Tag: Permaculture

Garden Tip: Squash Your Lawn

By Jack Kertesz Sheet mulching your lawn can bring about short-term food and long-term garden expansion for future production in your yard. The photo shows a 4-by-8-foot plot, or roughly 50 square feet.  Coarse, dead plant material, gathered from MOFGA’s perennial flower beds, was placed over the sod in the spring of 2022. A layer

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Brushing Up on Soil Improvement

By Jack Kertesz There is an area of MOFGA’s fairgrounds where we have placed various types of fences to restrict human entrance to where livestock activity happens during the Common Ground Country Fair. Among some traditional and sometimes crude wooden rail fence designs are examples of even cruder types of make-do arrangements. There is a

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More Than Just Apples: A Polyculture Orchard

By Jacob Mentlik There is a lot more than just apples growing at the Maine Heritage Orchard. While most commercial orchards lean toward monoculture, featuring long even rows of one particular species of fruit tree, the goal at MHO is to create a polyculture orchard, with many species growing together in harmony, mimicking the diversity

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Agroforestry With Plants of the Eastern Deciduous Forest

A blight-resistant American chestnut tree growing at MOFGA’s Common Ground Education Center. Butternuts shown in the Exhibition Hall of the Common Ground Country Fair by Claudette Nadeau. Aronia melanocarpa growing at MOFGA’s Common Ground Education Center. Permaculture with a native twist By Heather McCargo     Agroforestry is the practice of adding trees and shrubs to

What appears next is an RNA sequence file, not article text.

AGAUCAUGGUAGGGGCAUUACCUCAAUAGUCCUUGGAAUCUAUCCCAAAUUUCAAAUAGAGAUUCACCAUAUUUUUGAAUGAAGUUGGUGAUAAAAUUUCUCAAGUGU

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To Till or Not to Till

A heavy hay mulch, as promoted by Ruth Stout, smothers weeds (until some, such as quackgrass, creep in) but is not suitable for closely set plants or for grain crops. English photo By Will Bonsall No-till is the rage now and for some good reasons. Plowing, spading and rototilling disrupt the natural soil structure and dilute richer

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Too Many Wood Chips

A pile of year-old chips partially transformed by white mold. These heavily-bearing blackberry plants have never been treated with anything but chip mulch. By Will Bonsall I’ve spoken and written extensively about using forest residues, especially shredded brushwood, or “ramial chips,” to build and maintain soil tilth. I’ve advocated incorporating them into gardens as short-term

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Permaculture Takes Root in Maine

By Stowell Watters Do yourself a small disservice sometime and type the words “permaculture definition” into an Internet search for a refreshing check-in with your college brain. Can you still absorb painful block-text paragraphs and talking-head quotes ranging from the vapidly vague to the searingly specific? Can you mentally digest a hurricane of exposition and

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Diagram of the labyrinth that was being installed during a permablitz in Belfast. English photo. By Jean English “Look closely at the present you are constructing. It should look like the future you dream of.” Alice Walker’s quote is one of several on the Belfast Area Transition Initiative website (BATI; www.belfasttransition.org). A “permablitz” that BATI

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